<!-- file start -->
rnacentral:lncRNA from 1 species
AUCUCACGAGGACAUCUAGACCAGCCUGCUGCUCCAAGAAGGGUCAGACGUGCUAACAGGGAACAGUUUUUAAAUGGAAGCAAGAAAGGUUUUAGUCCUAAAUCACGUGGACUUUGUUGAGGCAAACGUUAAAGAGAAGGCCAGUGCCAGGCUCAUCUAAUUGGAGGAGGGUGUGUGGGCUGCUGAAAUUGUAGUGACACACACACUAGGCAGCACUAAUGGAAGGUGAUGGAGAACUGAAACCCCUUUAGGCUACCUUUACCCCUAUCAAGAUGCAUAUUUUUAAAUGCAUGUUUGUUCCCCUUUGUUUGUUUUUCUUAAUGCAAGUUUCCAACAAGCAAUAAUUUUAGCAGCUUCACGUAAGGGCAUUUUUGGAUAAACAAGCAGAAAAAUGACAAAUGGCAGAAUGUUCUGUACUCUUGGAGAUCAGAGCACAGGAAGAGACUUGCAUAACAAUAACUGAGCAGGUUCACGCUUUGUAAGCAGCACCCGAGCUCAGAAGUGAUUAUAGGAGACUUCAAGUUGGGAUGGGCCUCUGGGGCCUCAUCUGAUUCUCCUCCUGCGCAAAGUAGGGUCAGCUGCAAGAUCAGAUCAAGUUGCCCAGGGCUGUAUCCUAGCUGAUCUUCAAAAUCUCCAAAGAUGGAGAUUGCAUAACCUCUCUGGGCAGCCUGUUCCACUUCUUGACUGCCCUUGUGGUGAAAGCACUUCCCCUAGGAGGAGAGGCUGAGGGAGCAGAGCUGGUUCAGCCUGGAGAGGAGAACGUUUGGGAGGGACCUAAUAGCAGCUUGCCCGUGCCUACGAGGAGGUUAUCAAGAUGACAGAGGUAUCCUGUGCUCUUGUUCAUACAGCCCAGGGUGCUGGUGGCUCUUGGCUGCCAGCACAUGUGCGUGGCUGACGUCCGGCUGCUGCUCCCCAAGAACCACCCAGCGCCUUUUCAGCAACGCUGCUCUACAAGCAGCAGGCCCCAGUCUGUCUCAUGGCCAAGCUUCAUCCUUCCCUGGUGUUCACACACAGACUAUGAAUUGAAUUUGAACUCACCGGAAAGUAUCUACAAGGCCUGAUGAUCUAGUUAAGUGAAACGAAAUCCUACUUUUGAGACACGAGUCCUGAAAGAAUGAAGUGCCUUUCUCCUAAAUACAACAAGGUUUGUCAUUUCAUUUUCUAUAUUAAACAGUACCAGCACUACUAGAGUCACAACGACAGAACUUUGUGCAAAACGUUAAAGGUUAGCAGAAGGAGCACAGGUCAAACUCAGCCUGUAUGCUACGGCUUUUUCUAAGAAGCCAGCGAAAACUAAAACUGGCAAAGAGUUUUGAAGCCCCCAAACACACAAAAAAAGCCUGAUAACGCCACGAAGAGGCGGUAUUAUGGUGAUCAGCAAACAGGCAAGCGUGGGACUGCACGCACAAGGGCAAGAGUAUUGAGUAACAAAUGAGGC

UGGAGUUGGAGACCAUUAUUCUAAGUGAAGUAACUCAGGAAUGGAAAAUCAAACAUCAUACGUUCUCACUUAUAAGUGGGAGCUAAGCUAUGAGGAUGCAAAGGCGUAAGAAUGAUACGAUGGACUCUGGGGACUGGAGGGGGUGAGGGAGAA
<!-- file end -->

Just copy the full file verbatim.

rnacentral:lncRNA from 1 species
AUCUCACGAGGACAUCUAGACCAGCCUGCUGCUCCAAGAAGGGUCAGACGUGCUAACAGGGAACAGUUUUUAAAUGGAAGCAAGAAAGGUUUUAGUCCUAAAUCACGUGGACUUUGUUGAGGCAAACGUUAAAGAGAAGGCCAGUGCCAGGCUCAUCUAAUUGGAGGAGGGUGUGUGGGCUGCUGAAAUUGUAGUGACACACACACUAGGCAGCACUAAUGGAAGGUGAUGGAGAACUGAAACCCCUUUAGGCUACCUUUACCCCUAUCAAGAUGCAUAUUUUUAAAUGCAUGUUUGUUCCCCUUUGUUUGUUUUUCUUAAUGCAAGUUUCCAACAAGCAAUAAUUUUAGCAGCUUCACGUAAGGGCAUUUUUGGAUAAACAAGCAGAAAAAUGACAAAUGGCAGAAUGUUCUGUACUCUUGGAGAUCAGAGCACAGGAAGAGACUUGCAUAACAAUAACUGAGCAGGUUCACGCUUUGUAAGCAGCACCCGAGCUCAGAAGUGAUUAUAGGAGACUUCAAGUUGGGAUGGGCCUCUGGGGCCUCAUCUGAUUCUCCUCCUGCGCAAAGUAGGGUCAGCUGCAAGAUCAGAUCAAGUUGCCCAGGGCUGUAUCCUAGCUGAUCUUCAAAAUCUCCAAAGAUGGAGAUUGCAUAACCUCUCUGGGCAGCCUGUUCCACUUCUUGACUGCCCUUGUGGUGAAAGCACUUCCCCUAGGAGGAGAGGCUGAGGGAGCAGAGCUGGUUCAGCCUGGAGAGGAGAACGUUUGGGAGGGACCUAAUAGCAGCUUGCCCGUGCCUACGAGGAGGUUAUCAAGAUGACAGAGGUAUCCUGUGCUCUUGUUCAUACAGCCCAGGGUGCUGGUGGCUCUUGGCUGCCAGCACAUGUGCGUGGCUGACGUCCGGCUGCUGCUCCCCAAGAACCACCCAGCGCCUUUUCAGCAACGCUGCUCUACAAGCAGCAGGCCCCAGUCUGUCUCAUGGCCAAGCUUCAUCCUUCCCUGGUGUUCACACACAGACUAUGAAUUGAAUUUGAACUCACCGGAAAGUAUCUACAAGGCCUGAUGAUCUAGUUAAGUGAAACGAAAUCCUACUUUUGAGACACGAGUCCUGAAAGAAUGAAGUGCCUUUCUCCUAAAUACAACAAGGUUUGUCAUUUCAUUUUCUAUAUUAAACAGUACCAGCACUACUAGAGUCACAACGACAGAACUUUGUGCAAAACGUUAAAGGUUAGCAGAAGGAGCACAGGUCAAACUCAGCCUGUAUGCUACGGCUUUUUCUAAGAAGCCAGCGAAAACUAAAACUGGCAAAGAGUUUUGAAGCCCCCAAACACACAAAAAAAGCCUGAUAACGCCACGAAGAGGCGGUAUUAUGGUGAUCAGCAAACAGGCAAGCGUGGGACUGCACGCACAAGGGCAAGAGUAUUGAGUAACAAAUGAGGC

UGGAGUUGGAGACCAUUAUUCUAAGUGAAGUAACUCAGGAAUGGAAAAUCAAACAUCAUACGUUCUCACUUAUAAGUGGGAGCUAAGCUAUGAGGAUGCAAAGGCGUAAGAAUGAUACGAUGGACUCUGGGGACUGGAGGGGGUGAGGGAGAA